Ricinus communis L.

R. communis L., Sp. Pl. ed. 1(1753)1007 — Рицин, кърлеж

Fam:   Euphorbiaceae Juss.
Genus:   Ricinus L.
Species: Ricinus communis L.
English Name: Bean, Castor oil plant


Perennial plant. (under our conditions it is annual). Stem 1 - 3 (-4) m high, branched, erect, green or reddish, glabrous. Leaves thyroid, palmate 5 - 11-lobed, large, up to 60 cm long, green, glabrous. Flowers unisexual, in racemose, apical, branched inflorescences. Monoecious plants. Male flowers at the bottom, females at the top (rarely mixed or vice versa), rarely bisexual flowers. Calyx 3 - 5-part. Stamens numerous; with several branched petioles, anthers up to 1000. The box is spherical, 1 - 2 cm wide, with conical growths or smooth. Seeds ovoid, 9 - 17 (25) mm long, smooth, shiny, ovoid, reddish brown, black, variously spotted; the appendix is ​​large.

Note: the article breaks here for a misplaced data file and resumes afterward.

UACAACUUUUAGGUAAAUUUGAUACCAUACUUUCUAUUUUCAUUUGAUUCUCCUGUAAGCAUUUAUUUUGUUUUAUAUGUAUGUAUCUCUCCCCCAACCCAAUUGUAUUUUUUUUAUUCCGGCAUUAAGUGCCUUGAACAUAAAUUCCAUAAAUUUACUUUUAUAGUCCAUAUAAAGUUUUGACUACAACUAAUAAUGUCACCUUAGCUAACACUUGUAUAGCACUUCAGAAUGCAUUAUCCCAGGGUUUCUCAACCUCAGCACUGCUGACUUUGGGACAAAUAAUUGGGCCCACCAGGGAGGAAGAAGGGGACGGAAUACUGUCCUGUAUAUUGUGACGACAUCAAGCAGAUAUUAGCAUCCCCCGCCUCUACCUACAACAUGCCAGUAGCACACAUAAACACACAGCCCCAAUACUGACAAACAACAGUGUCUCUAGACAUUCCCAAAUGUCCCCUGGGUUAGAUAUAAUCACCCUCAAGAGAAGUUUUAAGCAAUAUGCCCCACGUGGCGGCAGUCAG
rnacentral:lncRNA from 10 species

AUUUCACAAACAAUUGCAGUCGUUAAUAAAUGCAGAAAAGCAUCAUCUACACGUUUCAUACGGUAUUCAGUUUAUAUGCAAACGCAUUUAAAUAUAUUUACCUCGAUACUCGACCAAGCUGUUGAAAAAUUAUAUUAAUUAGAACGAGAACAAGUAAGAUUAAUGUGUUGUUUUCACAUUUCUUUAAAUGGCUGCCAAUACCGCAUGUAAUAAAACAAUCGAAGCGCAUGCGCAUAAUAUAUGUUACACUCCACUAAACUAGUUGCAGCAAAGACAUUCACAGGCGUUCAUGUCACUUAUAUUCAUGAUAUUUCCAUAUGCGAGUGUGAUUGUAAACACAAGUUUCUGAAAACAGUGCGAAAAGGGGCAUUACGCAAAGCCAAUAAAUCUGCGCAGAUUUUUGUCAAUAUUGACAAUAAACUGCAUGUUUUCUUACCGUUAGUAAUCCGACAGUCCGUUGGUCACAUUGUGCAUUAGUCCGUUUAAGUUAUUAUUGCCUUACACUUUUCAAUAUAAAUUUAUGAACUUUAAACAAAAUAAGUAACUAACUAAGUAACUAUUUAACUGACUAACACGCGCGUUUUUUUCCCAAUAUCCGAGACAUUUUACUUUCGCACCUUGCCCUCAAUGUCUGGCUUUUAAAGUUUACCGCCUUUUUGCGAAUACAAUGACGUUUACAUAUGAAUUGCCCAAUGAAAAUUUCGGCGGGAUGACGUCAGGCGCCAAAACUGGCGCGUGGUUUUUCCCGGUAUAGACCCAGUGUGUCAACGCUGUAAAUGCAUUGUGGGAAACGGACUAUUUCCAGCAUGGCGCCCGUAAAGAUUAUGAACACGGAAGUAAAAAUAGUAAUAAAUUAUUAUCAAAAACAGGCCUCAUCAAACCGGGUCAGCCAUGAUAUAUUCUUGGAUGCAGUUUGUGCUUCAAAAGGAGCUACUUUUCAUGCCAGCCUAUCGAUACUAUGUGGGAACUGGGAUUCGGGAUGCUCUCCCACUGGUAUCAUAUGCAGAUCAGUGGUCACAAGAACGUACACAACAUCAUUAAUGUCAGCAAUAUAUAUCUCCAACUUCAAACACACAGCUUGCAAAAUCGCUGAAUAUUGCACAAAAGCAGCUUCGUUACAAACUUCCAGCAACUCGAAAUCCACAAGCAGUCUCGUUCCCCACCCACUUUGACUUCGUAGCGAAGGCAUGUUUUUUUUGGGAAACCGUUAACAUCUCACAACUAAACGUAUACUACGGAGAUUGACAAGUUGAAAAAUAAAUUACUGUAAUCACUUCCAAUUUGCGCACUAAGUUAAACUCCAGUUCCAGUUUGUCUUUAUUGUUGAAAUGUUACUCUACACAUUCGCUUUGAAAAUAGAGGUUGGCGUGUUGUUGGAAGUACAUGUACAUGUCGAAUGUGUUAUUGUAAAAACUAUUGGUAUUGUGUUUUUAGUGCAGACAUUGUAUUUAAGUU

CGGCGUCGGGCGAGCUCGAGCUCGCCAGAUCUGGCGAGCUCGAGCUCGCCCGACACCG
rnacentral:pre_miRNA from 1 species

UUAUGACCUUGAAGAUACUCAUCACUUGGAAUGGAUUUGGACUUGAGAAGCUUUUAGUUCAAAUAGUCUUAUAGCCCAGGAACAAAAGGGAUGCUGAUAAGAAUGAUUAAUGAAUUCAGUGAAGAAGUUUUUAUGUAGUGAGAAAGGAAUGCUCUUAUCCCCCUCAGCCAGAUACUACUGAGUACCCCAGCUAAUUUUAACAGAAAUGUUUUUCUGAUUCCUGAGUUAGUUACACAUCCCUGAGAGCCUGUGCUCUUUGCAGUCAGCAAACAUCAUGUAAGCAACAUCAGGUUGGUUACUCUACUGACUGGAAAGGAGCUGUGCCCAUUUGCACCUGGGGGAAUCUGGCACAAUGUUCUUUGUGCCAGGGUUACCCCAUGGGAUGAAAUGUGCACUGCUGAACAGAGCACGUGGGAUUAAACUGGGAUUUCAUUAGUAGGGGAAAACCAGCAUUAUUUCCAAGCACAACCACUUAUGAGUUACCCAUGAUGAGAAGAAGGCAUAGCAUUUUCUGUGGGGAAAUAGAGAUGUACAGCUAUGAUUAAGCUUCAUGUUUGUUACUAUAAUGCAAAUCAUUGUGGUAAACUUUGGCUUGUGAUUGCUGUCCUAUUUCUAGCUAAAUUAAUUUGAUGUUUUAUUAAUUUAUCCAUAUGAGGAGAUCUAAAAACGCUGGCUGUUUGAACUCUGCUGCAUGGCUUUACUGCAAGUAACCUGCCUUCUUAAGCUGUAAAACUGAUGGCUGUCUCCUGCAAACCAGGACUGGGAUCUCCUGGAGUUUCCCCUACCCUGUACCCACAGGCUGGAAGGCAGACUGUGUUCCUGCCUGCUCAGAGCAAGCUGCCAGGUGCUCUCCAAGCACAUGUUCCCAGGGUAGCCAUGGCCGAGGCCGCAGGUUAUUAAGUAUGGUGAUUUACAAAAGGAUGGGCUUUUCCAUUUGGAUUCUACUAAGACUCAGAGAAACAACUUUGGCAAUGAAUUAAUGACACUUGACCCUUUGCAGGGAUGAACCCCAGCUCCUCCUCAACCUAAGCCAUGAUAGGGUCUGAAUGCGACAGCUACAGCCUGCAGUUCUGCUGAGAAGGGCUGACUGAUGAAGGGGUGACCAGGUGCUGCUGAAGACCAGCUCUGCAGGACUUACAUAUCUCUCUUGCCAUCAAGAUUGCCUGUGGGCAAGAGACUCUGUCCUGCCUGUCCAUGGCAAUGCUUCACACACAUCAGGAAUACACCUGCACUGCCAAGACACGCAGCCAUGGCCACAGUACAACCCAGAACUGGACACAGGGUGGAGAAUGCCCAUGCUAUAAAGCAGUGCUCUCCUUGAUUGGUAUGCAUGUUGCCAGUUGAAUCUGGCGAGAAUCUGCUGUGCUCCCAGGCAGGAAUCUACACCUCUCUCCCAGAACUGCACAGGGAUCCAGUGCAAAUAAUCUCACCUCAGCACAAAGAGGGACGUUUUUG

Cultivated as oil-bearing, decorative and medical, somewhere wild in ruderalized places.

It originates from tropical Africa.

From:   „Флора на Н. Р. България”, том VII, Издателство на БАН, София, (1979)

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For the genus of lice, see Ricinus (insect).
"Castor oil plant" redirects here. It is not to be confused with False castor oil plant (disambiguation).
Ricinus communis, the castor bean[1] or castor oil plant,[2] is a species of perennial flowering plant in the spurge family, Euphorbiaceae. It is the sole species in the monotypic genus, Ricinus, and subtribe, Ricininae. The evolution of castor and its relation to other species are currently being studied using modern genetic tools.[3] It reproduces with a mixed pollination system which favors selfing by geitonogamy but at the same time can be an out-crosser by anemophily (wind pollination) or entomophily (insect pollination).[4]